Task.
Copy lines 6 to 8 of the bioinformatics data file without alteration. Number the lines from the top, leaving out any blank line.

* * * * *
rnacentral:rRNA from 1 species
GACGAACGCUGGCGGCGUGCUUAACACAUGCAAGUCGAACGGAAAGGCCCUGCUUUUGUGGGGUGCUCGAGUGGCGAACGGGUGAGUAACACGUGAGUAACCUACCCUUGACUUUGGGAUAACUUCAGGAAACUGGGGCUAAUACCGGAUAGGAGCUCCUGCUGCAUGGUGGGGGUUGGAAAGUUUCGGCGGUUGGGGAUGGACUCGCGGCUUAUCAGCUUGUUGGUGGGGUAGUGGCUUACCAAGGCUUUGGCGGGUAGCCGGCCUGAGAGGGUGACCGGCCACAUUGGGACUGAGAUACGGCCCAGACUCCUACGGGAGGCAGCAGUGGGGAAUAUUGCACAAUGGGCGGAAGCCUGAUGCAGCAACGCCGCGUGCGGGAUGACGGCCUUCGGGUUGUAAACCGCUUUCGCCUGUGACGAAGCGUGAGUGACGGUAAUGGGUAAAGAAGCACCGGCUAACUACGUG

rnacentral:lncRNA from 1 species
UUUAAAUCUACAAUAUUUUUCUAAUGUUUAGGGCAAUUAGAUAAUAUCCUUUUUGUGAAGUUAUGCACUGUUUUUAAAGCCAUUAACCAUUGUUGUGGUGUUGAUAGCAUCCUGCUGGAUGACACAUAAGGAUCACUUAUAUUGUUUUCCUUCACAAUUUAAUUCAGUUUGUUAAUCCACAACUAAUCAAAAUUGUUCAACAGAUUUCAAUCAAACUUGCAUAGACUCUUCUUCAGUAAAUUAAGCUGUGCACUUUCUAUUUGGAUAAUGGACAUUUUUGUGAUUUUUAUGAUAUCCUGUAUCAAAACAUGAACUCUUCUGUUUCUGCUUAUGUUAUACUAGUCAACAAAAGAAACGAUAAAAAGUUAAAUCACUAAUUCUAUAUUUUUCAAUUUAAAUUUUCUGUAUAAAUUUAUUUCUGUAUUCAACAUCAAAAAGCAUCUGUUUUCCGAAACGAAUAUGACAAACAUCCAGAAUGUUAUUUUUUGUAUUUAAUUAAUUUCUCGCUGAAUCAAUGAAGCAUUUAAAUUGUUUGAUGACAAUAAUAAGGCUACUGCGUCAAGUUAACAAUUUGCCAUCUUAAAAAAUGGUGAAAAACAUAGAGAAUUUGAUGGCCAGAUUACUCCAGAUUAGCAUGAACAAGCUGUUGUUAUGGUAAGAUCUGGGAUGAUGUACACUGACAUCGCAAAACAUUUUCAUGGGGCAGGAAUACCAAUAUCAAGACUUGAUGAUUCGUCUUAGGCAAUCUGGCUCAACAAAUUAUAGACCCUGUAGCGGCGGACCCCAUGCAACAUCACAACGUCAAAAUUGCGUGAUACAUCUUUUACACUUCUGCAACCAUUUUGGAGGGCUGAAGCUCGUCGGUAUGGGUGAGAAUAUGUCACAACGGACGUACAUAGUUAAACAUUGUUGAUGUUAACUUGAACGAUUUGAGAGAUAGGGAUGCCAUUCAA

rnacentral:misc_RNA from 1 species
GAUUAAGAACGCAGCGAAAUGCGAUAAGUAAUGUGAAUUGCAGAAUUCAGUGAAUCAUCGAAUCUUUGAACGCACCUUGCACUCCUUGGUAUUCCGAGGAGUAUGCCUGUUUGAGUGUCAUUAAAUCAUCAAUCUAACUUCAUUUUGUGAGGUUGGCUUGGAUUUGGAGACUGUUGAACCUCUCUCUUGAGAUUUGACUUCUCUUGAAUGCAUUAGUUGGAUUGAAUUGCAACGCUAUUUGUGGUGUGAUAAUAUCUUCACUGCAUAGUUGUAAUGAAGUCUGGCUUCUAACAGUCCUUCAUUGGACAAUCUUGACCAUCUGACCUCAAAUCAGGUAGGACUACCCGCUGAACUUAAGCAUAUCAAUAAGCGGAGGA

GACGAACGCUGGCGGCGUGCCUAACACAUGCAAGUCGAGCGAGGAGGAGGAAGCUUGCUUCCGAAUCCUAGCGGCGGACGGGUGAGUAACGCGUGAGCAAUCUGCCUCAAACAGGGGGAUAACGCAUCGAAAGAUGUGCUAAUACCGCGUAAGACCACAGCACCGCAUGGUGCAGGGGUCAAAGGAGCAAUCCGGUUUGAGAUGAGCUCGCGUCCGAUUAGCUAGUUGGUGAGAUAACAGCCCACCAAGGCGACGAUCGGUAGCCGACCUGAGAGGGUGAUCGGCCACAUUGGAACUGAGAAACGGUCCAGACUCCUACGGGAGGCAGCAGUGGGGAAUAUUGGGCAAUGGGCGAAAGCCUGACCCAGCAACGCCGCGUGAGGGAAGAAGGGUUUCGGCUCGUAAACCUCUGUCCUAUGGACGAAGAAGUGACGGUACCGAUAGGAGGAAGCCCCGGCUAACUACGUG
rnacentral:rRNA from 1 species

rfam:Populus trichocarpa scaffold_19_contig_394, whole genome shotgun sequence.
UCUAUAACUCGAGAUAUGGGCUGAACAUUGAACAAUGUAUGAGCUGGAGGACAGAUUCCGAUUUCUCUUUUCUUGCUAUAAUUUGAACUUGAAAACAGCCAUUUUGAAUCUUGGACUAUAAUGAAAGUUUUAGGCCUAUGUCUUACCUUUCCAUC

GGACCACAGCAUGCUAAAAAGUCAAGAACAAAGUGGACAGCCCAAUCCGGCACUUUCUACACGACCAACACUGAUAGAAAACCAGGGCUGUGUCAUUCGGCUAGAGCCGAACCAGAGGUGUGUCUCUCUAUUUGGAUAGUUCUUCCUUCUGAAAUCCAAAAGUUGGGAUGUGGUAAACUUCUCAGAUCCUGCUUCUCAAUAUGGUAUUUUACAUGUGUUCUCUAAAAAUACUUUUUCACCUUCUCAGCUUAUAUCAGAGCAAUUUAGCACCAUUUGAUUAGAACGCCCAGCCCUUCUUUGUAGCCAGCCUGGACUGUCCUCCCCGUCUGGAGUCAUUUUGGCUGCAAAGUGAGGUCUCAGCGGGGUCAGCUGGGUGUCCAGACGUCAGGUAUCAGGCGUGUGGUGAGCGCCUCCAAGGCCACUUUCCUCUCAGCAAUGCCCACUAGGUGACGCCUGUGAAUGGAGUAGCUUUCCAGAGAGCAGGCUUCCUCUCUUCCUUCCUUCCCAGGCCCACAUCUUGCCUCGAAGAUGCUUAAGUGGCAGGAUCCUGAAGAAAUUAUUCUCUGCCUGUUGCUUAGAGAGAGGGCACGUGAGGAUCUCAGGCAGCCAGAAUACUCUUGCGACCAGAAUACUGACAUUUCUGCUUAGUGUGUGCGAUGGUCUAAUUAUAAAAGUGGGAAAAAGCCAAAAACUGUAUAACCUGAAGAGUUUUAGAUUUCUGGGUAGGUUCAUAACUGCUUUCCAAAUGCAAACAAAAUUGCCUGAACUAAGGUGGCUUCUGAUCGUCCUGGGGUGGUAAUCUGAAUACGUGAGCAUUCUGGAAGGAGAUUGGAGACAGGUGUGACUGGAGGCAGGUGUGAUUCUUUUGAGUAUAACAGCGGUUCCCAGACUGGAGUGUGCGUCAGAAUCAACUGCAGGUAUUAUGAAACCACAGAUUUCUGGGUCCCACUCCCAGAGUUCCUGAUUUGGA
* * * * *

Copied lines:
GAUUAAGAACGCAGCGAAAUGCGAUAAGUAAUGUGAAUUGCAGAAUUCAGUGAAUCAUCGAAUCUUUGAACGCACCUUGCACUCCUUGGUAUUCCGAGGAGUAUGCCUGUUUGAGUGUCAUUAAAUCAUCAAUCUAACUUCAUUUUGUGAGGUUGGCUUGGAUUUGGAGACUGUUGAACCUCUCUCUUGAGAUUUGACUUCUCUUGAAUGCAUUAGUUGGAUUGAAUUGCAACGCUAUUUGUGGUGUGAUAAUAUCUUCACUGCAUAGUUGUAAUGAAGUCUGGCUUCUAACAGUCCUUCAUUGGACAAUCUUGACCAUCUGACCUCAAAUCAGGUAGGACUACCCGCUGAACUUAAGCAUAUCAAUAAGCGGAGGA

GACGAACGCUGGCGGCGUGCCUAACACAUGCAAGUCGAGCGAGGAGGAGGAAGCUUGCUUCCGAAUCCUAGCGGCGGACGGGUGAGUAACGCGUGAGCAAUCUGCCUCAAACAGGGGGAUAACGCAUCGAAAGAUGUGCUAAUACCGCGUAAGACCACAGCACCGCAUGGUGCAGGGGUCAAAGGAGCAAUCCGGUUUGAGAUGAGCUCGCGUCCGAUUAGCUAGUUGGUGAGAUAACAGCCCACCAAGGCGACGAUCGGUAGCCGACCUGAGAGGGUGAUCGGCCACAUUGGAACUGAGAAACGGUCCAGACUCCUACGGGAGGCAGCAGUGGGGAAUAUUGGGCAAUGGGCGAAAGCCUGACCCAGCAACGCCGCGUGAGGGAAGAAGGGUUUCGGCUCGUAAACCUCUGUCCUAUGGACGAAGAAGUGACGGUACCGAUAGGAGGAAGCCCCGGCUAACUACGUG
rnacentral:rRNA from 1 species